History of Horsham Hospital

The history of Horsham Hospital is under-pinned by voluntary work. The first Horsham Cottage Hospital, built in 1892 at a cost of £1,300, was paid for entirely thanks to local donations, whilst its management was handled by unpaid town worthies and the medical staff was drawn from local doctors who gave their time for nothing. For its first 56 years the hospital was classed as a “Voluntary Hospital” in which the only paid staff were the matron and a small band of nurses and servants.

The Cottage Hospital in Hurst Road was very small with just eight beds and by 1901 was experiencing waiting lists. During the First World War serious discussions began over provision of a bigger building and after a fund raising campaign that produced £18,000 the cottage was closed on May 26, 1923, after giving 31 years splendid service, to be replaced by a brand new building next door. This had separate wards for men and women, three private wards, a fully equipped operating theatre and the new wonder of the age, X-ray, being described at the time as one of the finest hospitals of its kind.

It quickly became obvious that the bigger hospital would need to have its finances run on a more professional basis and a separate committee launched The Contributory Scheme which each week sent out collectors to every street in Horsham asking for one penny. In return donors were offered free treatment. It was very popular and was soon providing £1,200 per annum towards meeting the hospital’s running costs. Eventually the scheme produced surplus funds which were ploughed into new ventures including the building of a children’s ward at a cost of £8,000.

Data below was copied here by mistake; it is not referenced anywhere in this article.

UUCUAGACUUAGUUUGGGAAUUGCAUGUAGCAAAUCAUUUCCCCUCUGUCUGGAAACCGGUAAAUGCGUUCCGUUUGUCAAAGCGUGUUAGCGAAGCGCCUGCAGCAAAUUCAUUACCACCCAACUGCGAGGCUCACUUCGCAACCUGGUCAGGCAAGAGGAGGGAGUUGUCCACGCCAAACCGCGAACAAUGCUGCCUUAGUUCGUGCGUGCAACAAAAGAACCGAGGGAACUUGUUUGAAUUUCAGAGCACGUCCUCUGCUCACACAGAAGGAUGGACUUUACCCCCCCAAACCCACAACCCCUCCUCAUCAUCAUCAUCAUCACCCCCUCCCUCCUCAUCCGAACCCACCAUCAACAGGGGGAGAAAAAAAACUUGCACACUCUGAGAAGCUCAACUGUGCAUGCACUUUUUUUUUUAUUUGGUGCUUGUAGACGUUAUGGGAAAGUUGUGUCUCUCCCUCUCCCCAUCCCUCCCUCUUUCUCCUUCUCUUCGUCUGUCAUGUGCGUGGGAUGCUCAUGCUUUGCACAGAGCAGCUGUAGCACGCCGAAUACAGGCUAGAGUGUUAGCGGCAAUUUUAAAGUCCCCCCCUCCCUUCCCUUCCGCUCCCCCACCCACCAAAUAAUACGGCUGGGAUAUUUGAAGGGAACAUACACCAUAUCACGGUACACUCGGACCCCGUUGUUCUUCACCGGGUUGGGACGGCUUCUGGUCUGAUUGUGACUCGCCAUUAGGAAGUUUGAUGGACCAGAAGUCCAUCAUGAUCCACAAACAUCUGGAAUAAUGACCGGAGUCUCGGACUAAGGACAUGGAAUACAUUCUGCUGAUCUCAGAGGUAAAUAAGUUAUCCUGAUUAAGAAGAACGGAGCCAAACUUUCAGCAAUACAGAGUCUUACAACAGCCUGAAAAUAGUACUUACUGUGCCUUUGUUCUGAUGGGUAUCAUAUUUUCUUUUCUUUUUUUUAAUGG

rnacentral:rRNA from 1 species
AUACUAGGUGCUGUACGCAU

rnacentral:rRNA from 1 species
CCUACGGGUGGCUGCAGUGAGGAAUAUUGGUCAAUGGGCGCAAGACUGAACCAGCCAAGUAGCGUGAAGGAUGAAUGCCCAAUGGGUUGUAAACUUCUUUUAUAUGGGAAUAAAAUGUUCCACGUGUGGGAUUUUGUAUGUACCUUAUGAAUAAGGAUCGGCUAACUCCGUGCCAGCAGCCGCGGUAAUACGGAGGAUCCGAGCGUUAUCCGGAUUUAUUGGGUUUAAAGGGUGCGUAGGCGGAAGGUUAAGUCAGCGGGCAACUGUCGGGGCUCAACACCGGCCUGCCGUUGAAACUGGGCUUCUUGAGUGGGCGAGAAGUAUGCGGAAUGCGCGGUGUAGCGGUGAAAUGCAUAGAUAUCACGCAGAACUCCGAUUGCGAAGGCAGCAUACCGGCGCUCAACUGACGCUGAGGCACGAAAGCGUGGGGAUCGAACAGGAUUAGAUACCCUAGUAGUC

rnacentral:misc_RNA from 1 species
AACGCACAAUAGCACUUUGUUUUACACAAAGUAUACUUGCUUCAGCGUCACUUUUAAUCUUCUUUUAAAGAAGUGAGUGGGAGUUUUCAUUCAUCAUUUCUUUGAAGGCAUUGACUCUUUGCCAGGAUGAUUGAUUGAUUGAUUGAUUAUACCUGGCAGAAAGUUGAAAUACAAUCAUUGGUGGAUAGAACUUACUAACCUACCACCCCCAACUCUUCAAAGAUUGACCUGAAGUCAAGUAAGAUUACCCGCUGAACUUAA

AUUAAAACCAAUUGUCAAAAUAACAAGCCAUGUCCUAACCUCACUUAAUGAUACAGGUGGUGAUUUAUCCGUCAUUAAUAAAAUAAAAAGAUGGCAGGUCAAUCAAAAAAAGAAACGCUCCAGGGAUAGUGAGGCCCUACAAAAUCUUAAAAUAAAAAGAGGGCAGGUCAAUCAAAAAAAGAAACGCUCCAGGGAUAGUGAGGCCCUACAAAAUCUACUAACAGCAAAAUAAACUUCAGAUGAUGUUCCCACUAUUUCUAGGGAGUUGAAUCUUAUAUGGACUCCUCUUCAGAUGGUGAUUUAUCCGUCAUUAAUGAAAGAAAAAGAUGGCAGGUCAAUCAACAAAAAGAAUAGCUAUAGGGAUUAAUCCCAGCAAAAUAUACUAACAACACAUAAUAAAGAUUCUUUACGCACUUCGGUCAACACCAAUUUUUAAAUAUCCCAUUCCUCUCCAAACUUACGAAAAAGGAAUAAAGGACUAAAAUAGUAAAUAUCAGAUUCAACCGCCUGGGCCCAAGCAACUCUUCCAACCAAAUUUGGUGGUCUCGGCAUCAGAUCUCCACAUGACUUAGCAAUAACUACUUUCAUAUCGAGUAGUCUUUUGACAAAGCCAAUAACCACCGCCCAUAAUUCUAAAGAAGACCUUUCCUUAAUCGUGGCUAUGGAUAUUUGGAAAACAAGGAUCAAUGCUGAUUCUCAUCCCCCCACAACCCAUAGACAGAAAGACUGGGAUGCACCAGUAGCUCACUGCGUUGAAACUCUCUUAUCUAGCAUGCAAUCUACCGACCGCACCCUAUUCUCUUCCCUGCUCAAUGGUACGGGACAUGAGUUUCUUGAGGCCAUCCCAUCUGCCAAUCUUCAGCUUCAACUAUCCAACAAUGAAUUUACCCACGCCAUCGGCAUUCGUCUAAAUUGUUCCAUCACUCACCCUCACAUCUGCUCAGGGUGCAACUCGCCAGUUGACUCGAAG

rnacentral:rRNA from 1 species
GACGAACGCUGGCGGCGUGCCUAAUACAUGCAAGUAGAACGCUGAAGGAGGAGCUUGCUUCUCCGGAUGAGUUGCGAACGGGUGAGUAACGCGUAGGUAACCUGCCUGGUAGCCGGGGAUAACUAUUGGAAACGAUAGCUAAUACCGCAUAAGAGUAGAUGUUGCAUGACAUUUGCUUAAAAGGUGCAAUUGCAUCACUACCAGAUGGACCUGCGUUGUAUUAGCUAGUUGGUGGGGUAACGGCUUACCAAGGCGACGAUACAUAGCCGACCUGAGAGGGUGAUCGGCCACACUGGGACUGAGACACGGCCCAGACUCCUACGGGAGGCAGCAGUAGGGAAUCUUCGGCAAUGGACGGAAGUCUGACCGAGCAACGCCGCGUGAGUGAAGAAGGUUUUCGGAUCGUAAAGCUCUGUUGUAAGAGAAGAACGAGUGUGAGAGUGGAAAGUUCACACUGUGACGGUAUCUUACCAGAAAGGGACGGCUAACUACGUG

During the Second World War a stream-lined management team of four took over running and in spite of shortages of money
and materials they achieved three important developments: the first physiotherapy department, the first out patients department and the building of a brand new maternity unit in the grounds.

The arrival of the NHS in 1948 changed many things, including the ending of voluntary fund raising efforts. However, it was soon discovered that the Government could not provide all the funds that were needed for patients, staff and visitors, so voluntary work resumed through Horsham Hospital Supporters Association and later The League of Friends of Horsham Hospital.

The NHS promised expansion at Horsham in the 1960s and this finally came in 1981 when a £2.5 million project more than doubled the size of the hospital with a range of single storey buildings, new wards and new services, dubbed at the time by the local paper as resembling “a five star hotel”. The design was revolutionary in its day providing a “village style” atmosphere with courtyard gardens, a shop, a tea bar and a main thoroughfare called Molly Andrews Way, named after a highly regarded hospital secretary.

There was disappointment when 24 hour casualty services closed in 1969 and also when the much loved maternity unit folded up in 1985. However, these were replaced by a Minor Injuries Unit and a Mental Health Unit. There were big celebrations at the hospital’s centenary on July 4, 1992, and another boost in 1997 with the building of a brand new Out Patients Department.

This was followed by an £11 million refurbishment of many old buildings in 2005 which produced the 38 bed Horizon Unit, Iris Ward, a new Minor Injuries Unit, the Rainbow Unit, an Ante Natal clinic and upgrading of the X-Ray department. Later the Hilltop Unit for children was added.

This big investment in Horsham Community Hospital gave services there a much needed boost and ensured that it was equipped to play a major role for many years to come.

League of Friends of Horsham Hospital, Horsham Hospital, Hurst Road, Horsham, RH12 2DR
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